• Increased civic leadership among small neighborhood markets in efforts to increase availability of healthy food in under-served communities. Success is defined as the demonstrated leadership of 3 neighborhood market owners as peer role models that help change the way the neighborhood market sector conducts business. This outcome is measured by market owner participation in trainings as peer teachers and at least three high-visibility public speaking events with the news media or civic spaces. This will be documented through news articles, photographs, videos and event write-ups that include quotes by storeowners.
We will also track and report revenue increases and new jobs created among the total cohort, how many participants pursue additional capital resources to grow their businesses and the results of any new partnerships formed as a result of the Healthy Neighborhood Market Network.
What two lessons have informed your solution or project?
Lesson 1: Who are the neighborhood market owners? Many neighborhood markets in Los Angeles are family-owned and operated by immigrant or first generation entrepreneurs. Though passionate and driven, many do not have the time or resources to advance their education in ways that benefit their business and community. At times, limited language skills can be a barrier as well. The Healthy Neighborhood Market Network was designed to meet the specific needs of small food businesses operating in historically disenfranchised communities. Our seminars are offered in Spanish, Korean and English, and at times of the week that are best for small store owners. We also do extensive “boots on the ground” outreach and in-store consulting so that store owners can receive valuable information and resources directly in their place of business.
Lesson 2: The fresh food business can be tricky! Not only is the business owner dealing with thin profit margins, but also a perishable product. Neighborhood markets owners and other intrepid food entrepreneurs are increasingly interested in fresh and healthy food, but they need new business models to ensure their foray into fresh is sustainable and profitable. There’s no one-size-fits-all model. One store may thrive as a produce grocer while another store’s customer base comes to them for healthy snacks and grab-and-go meals. We focus on bringing store owners choices and strategies to help them create a new healthy food business model that works for where they’re at.
One more, couldn’t help it!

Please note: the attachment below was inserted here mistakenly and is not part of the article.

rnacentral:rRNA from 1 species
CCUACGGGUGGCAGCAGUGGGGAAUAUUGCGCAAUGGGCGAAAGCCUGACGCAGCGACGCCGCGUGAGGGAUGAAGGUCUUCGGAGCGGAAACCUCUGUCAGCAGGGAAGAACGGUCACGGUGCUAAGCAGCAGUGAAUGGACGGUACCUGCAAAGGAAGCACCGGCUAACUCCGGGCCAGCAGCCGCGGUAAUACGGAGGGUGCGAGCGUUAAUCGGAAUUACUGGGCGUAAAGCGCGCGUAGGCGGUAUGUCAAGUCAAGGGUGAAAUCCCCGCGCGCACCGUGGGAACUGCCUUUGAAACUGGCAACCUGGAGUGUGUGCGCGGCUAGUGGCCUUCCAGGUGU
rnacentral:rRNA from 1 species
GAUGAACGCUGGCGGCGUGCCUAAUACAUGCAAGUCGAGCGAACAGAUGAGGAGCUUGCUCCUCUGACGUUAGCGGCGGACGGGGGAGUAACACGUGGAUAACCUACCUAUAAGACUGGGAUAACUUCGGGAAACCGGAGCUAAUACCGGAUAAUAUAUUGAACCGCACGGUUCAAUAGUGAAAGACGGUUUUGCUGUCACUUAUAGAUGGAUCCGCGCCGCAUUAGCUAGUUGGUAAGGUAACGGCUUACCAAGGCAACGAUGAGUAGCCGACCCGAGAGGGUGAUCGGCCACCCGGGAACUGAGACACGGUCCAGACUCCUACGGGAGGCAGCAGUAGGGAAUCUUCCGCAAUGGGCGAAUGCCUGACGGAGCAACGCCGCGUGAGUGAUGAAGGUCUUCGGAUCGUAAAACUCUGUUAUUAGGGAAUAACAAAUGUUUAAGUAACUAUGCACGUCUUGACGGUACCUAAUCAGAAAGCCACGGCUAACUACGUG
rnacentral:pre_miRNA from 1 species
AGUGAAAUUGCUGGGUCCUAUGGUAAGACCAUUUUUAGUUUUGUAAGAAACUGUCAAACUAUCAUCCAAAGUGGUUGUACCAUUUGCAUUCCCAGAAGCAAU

Lesson 3: Neighborhood markets, corner stores, small mom n’ pop businesses are the primary food retail environment for low-income Angelenos. In South LA they make up 86% of the grocery retail environment, and 88% in East Los Angeles. While typically stocked with high calorie, non-nutritious foods, this is the existing food infrastructure for many, totaling 3,400 neighborhood markets in LA County. We see this as a key way to work with what we’ve got- while also seeking to expand healthy food retail options through new grocery stores, restaurants and farmer’s markets. We’ve designed our initiative to reach as many stores as possible by 2050, which complements many “corner store conversion” projects taking place.
Explain how implementing your project within the next twelve months is an achievable goal.
Since 2012, the Healthy Neighborhood Market Network has touched at over 400 neighborhood markets in low-income communities through outreach efforts, and trained approximately 160 stores at five capacity-building seminars. Our multi-lingual staff has successfully organized language-specific and accessible resources for participants through two Korean language, one Spanish language and two multi-lingual events. Through direct consulting, we led and collaborated on five corner store conversion projects in high-need areas in the last year, which gave us a lot of grounded perspective on what it takes to work with neighborhood markets. Over the last 2 years, we’ve refined the approach, developed a comprehensive Resource Guide, and now we’re ready to combine the “best of” of material into one comprehensive curriculum. The three business and leadership development trainings are do-able because we’ve done them for the past 2 years, and the new curriculum is just a couple months away from completion.